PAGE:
LE MANS, France — Remember in school when you used to wonder, “When am I ever going to use algebra and all this physics stuff?”
I found out where. To understand the top class of cars in this year’s 24 Hours of Le Mans you better have been paying attention in those classes. If not, well they will still be cool cars but you will be missing out on something truly remarkable.
The history, in fact, the DNA of this great race is steeped in proving the automobile in the harshest of conditions. That was the reason for the first race run in 1923. That has never been more true than 2014. Race organizers have reduced the fuel allotments allowed the top class LMP1 cars by 30 percent and now talk to the teams more about energy used in Kilowatt/hours.
Oh, I can hear you now, “not another fuel formula like the early Group C days.” Well, I can assure you, it is not. That is because, by reducing fuel used and measuring energy used in KwH’s (It is no longer just about miles per gallon) the ACO & FIA are forcing the teams to focus less on fuel for power and more on coming up with efficient hybrid systems to do the work of making these cars some of the fastest to ever race at Le Mans. To aid the teams the rules makers have left the hybrid systems virtually free of restriction.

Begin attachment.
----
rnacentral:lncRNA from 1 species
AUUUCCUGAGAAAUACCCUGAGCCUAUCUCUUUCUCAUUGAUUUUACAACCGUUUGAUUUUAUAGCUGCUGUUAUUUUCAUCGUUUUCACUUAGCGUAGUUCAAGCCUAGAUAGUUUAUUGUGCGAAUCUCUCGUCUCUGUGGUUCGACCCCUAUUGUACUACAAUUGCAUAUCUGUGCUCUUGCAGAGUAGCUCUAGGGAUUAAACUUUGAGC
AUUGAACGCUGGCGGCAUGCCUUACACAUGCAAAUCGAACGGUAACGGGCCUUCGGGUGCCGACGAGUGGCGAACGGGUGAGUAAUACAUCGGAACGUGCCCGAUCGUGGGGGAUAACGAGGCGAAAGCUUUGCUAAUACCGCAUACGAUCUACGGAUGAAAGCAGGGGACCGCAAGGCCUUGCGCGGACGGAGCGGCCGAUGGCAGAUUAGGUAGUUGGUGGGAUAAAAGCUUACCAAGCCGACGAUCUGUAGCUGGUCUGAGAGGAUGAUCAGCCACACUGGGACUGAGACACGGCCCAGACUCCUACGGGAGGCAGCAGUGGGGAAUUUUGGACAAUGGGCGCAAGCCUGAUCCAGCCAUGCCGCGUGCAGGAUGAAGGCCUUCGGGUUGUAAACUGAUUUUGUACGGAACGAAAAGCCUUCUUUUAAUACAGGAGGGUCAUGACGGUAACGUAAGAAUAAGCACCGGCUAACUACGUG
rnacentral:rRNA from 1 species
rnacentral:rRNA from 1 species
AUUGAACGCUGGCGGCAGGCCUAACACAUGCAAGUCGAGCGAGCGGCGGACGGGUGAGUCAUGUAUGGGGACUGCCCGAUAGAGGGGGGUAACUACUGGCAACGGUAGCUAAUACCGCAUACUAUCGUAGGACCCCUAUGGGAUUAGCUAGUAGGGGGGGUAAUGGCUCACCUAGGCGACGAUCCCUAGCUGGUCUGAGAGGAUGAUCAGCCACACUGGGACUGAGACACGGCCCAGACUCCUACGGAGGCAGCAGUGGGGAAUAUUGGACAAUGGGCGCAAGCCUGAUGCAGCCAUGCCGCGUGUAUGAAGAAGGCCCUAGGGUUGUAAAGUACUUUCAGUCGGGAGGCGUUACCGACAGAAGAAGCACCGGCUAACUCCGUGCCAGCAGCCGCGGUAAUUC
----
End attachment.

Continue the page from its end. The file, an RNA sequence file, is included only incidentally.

That has meant that three of the world’s top manufacturers have come to la Sarthe this year to prove their hybrid systems. Audi, Toyota and Porsche have all put their corporate reputations and many bags of Euros on the line in a high stakes game of mine is better than yours. And, amazingly in the monkey-see-monkey do world that is car racing they have come to the table with three totally different concepts to accomplish the same goal, victory at Le Mans while being as environmentally friendly as possible.